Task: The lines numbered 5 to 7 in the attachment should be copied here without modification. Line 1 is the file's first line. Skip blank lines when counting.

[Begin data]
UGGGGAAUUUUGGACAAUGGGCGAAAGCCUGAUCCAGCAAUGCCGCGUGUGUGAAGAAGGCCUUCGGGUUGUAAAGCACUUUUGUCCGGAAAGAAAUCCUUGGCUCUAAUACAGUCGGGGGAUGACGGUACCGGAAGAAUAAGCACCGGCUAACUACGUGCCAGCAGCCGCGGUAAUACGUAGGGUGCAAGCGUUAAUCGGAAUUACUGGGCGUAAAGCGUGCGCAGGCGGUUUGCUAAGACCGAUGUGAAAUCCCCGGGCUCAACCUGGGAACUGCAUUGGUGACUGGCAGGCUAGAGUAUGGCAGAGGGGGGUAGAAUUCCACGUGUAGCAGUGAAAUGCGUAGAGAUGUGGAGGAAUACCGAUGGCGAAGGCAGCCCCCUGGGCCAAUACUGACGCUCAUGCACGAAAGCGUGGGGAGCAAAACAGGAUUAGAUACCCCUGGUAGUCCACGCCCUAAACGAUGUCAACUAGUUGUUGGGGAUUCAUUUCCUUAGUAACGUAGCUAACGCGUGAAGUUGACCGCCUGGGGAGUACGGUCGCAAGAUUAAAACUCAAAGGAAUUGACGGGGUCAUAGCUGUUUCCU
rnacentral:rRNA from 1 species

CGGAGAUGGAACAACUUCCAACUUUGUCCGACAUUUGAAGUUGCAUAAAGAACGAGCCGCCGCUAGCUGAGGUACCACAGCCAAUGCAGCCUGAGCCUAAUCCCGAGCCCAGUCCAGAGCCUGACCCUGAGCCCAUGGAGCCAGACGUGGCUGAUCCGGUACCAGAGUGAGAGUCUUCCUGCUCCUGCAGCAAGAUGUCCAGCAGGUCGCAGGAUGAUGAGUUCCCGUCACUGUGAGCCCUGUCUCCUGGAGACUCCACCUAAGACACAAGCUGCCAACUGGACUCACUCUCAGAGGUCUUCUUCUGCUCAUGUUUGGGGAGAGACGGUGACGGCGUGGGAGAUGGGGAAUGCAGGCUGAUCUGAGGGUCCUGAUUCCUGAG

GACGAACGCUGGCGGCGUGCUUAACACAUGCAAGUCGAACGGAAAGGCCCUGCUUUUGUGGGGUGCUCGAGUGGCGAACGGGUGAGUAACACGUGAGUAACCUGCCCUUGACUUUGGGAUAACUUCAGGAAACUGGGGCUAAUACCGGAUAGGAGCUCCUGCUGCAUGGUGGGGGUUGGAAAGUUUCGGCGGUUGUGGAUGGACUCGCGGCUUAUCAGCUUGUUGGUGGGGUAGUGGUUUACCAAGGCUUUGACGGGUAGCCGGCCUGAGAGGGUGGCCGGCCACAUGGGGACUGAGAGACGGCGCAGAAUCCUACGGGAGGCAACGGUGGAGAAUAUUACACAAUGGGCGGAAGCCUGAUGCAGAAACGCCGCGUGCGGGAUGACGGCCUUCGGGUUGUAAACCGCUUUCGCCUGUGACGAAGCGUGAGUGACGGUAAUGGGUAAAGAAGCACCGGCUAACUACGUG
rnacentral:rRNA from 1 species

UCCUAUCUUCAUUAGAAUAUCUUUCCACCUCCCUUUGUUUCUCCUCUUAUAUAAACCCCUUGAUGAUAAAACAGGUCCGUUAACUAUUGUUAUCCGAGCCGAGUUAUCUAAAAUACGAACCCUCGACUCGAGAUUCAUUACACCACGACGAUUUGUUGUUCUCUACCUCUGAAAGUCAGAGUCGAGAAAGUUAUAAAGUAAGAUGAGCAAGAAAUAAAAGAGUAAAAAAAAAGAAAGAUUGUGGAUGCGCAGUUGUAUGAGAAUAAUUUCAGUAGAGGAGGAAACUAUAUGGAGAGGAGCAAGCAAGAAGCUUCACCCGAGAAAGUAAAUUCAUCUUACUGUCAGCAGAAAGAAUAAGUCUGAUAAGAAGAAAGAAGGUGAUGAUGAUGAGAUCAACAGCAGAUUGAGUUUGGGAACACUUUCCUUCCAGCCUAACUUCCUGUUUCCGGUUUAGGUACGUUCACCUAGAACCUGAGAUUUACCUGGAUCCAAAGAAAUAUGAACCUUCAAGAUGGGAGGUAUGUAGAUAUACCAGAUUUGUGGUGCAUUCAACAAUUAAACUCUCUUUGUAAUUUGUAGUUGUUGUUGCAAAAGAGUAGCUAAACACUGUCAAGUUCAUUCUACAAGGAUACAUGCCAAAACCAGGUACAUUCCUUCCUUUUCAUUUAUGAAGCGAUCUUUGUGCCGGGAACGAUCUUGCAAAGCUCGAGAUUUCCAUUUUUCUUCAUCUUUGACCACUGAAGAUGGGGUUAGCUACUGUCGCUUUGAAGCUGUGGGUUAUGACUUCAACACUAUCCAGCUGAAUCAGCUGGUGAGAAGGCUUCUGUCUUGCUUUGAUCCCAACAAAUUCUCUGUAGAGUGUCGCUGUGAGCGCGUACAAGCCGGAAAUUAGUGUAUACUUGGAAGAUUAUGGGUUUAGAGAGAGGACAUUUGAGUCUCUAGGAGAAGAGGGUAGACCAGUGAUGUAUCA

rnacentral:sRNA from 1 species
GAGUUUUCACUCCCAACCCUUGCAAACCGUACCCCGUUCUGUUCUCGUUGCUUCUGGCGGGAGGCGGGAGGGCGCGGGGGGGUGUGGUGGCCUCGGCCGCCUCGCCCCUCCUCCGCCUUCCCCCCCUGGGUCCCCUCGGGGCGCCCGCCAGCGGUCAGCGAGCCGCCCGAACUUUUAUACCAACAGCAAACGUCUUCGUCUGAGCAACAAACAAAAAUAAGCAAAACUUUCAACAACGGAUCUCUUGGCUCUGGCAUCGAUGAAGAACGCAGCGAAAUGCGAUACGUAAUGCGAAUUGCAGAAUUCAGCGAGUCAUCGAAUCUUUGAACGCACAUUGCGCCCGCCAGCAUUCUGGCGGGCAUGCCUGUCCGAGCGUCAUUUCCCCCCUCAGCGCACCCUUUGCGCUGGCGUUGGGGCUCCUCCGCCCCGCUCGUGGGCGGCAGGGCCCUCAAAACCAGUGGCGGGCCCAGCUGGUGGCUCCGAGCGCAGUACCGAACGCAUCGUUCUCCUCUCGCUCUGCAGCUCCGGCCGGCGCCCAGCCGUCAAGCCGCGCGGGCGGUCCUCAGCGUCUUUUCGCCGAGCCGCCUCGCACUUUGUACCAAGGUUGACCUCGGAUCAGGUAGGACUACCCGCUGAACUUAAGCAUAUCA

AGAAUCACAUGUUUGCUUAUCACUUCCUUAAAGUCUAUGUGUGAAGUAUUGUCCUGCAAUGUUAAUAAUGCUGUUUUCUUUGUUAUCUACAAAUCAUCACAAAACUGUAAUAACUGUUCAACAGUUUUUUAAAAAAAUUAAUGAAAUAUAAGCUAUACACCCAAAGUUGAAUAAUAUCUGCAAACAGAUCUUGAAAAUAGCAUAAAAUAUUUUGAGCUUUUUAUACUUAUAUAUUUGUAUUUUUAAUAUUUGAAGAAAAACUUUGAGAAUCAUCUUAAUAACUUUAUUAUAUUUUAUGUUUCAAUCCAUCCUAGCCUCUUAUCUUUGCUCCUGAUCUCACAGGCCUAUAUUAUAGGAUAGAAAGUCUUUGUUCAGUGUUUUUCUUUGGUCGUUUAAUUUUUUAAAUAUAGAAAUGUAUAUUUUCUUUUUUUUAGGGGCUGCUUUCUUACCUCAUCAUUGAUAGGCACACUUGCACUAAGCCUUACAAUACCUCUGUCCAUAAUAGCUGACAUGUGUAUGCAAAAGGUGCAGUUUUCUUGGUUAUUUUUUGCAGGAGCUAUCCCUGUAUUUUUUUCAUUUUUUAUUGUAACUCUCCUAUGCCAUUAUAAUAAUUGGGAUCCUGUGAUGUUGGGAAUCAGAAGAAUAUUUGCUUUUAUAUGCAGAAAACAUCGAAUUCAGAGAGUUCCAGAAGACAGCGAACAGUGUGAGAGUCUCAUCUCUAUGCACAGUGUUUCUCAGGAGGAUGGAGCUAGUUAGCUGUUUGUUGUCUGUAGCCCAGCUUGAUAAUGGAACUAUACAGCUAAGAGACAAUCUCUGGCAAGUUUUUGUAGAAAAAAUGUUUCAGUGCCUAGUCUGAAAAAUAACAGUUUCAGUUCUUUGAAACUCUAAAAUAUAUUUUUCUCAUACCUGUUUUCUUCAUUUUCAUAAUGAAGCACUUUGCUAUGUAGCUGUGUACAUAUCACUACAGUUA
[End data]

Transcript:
rnacentral:rRNA from 1 species

UCCUAUCUUCAUUAGAAUAUCUUUCCACCUCCCUUUGUUUCUCCUCUUAUAUAAACCCCUUGAUGAUAAAACAGGUCCGUUAACUAUUGUUAUCCGAGCCGAGUUAUCUAAAAUACGAACCCUCGACUCGAGAUUCAUUACACCACGACGAUUUGUUGUUCUCUACCUCUGAAAGUCAGAGUCGAGAAAGUUAUAAAGUAAGAUGAGCAAGAAAUAAAAGAGUAAAAAAAAAGAAAGAUUGUGGAUGCGCAGUUGUAUGAGAAUAAUUUCAGUAGAGGAGGAAACUAUAUGGAGAGGAGCAAGCAAGAAGCUUCACCCGAGAAAGUAAAUUCAUCUUACUGUCAGCAGAAAGAAUAAGUCUGAUAAGAAGAAAGAAGGUGAUGAUGAUGAGAUCAACAGCAGAUUGAGUUUGGGAACACUUUCCUUCCAGCCUAACUUCCUGUUUCCGGUUUAGGUACGUUCACCUAGAACCUGAGAUUUACCUGGAUCCAAAGAAAUAUGAACCUUCAAGAUGGGAGGUAUGUAGAUAUACCAGAUUUGUGGUGCAUUCAACAAUUAAACUCUCUUUGUAAUUUGUAGUUGUUGUUGCAAAAGAGUAGCUAAACACUGUCAAGUUCAUUCUACAAGGAUACAUGCCAAAACCAGGUACAUUCCUUCCUUUUCAUUUAUGAAGCGAUCUUUGUGCCGGGAACGAUCUUGCAAAGCUCGAGAUUUCCAUUUUUCUUCAUCUUUGACCACUGAAGAUGGGGUUAGCUACUGUCGCUUUGAAGCUGUGGGUUAUGACUUCAACACUAUCCAGCUGAAUCAGCUGGUGAGAAGGCUUCUGUCUUGCUUUGAUCCCAACAAAUUCUCUGUAGAGUGUCGCUGUGAGCGCGUACAAGCCGGAAAUUAGUGUAUACUUGGAAGAUUAUGGGUUUAGAGAGAGGACAUUUGAGUCUCUAGGAGAAGAGGGUAGACCAGUGAUGUAUCA

rnacentral:sRNA from 1 species